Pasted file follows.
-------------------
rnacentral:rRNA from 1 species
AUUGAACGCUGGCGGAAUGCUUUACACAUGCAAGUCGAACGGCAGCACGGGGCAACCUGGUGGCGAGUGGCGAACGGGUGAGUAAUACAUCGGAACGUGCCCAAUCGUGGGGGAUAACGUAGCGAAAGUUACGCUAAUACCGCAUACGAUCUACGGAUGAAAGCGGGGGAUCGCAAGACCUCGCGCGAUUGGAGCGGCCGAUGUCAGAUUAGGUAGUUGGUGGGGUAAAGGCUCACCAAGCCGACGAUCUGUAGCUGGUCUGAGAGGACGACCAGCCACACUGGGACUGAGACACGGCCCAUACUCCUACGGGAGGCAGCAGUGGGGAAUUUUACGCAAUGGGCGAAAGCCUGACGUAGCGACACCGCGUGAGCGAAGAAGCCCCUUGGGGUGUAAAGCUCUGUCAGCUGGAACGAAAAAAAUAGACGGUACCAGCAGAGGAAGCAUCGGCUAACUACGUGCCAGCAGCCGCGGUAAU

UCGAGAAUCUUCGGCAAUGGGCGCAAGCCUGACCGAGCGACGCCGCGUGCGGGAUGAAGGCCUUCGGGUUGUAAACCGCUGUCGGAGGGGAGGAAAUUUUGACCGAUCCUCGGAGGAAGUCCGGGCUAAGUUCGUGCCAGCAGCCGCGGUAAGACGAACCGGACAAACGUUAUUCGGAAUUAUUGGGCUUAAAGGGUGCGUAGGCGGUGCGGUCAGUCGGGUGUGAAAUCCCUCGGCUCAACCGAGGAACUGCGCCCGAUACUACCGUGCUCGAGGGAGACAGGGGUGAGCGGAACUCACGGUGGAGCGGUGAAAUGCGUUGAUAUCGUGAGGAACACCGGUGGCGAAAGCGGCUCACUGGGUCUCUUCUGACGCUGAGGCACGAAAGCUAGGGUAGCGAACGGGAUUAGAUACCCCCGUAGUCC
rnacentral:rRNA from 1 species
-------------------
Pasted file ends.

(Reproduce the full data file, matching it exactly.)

rnacentral:rRNA from 1 species
AUUGAACGCUGGCGGAAUGCUUUACACAUGCAAGUCGAACGGCAGCACGGGGCAACCUGGUGGCGAGUGGCGAACGGGUGAGUAAUACAUCGGAACGUGCCCAAUCGUGGGGGAUAACGUAGCGAAAGUUACGCUAAUACCGCAUACGAUCUACGGAUGAAAGCGGGGGAUCGCAAGACCUCGCGCGAUUGGAGCGGCCGAUGUCAGAUUAGGUAGUUGGUGGGGUAAAGGCUCACCAAGCCGACGAUCUGUAGCUGGUCUGAGAGGACGACCAGCCACACUGGGACUGAGACACGGCCCAUACUCCUACGGGAGGCAGCAGUGGGGAAUUUUACGCAAUGGGCGAAAGCCUGACGUAGCGACACCGCGUGAGCGAAGAAGCCCCUUGGGGUGUAAAGCUCUGUCAGCUGGAACGAAAAAAAUAGACGGUACCAGCAGAGGAAGCAUCGGCUAACUACGUGCCAGCAGCCGCGGUAAU

UCGAGAAUCUUCGGCAAUGGGCGCAAGCCUGACCGAGCGACGCCGCGUGCGGGAUGAAGGCCUUCGGGUUGUAAACCGCUGUCGGAGGGGAGGAAAUUUUGACCGAUCCUCGGAGGAAGUCCGGGCUAAGUUCGUGCCAGCAGCCGCGGUAAGACGAACCGGACAAACGUUAUUCGGAAUUAUUGGGCUUAAAGGGUGCGUAGGCGGUGCGGUCAGUCGGGUGUGAAAUCCCUCGGCUCAACCGAGGAACUGCGCCCGAUACUACCGUGCUCGAGGGAGACAGGGGUGAGCGGAACUCACGGUGGAGCGGUGAAAUGCGUUGAUAUCGUGAGGAACACCGGUGGCGAAAGCGGCUCACUGGGUCUCUUCUGACGCUGAGGCACGAAAGCUAGGGUAGCGAACGGGAUUAGAUACCCCCGUAGUCC
rnacentral:rRNA from 1 species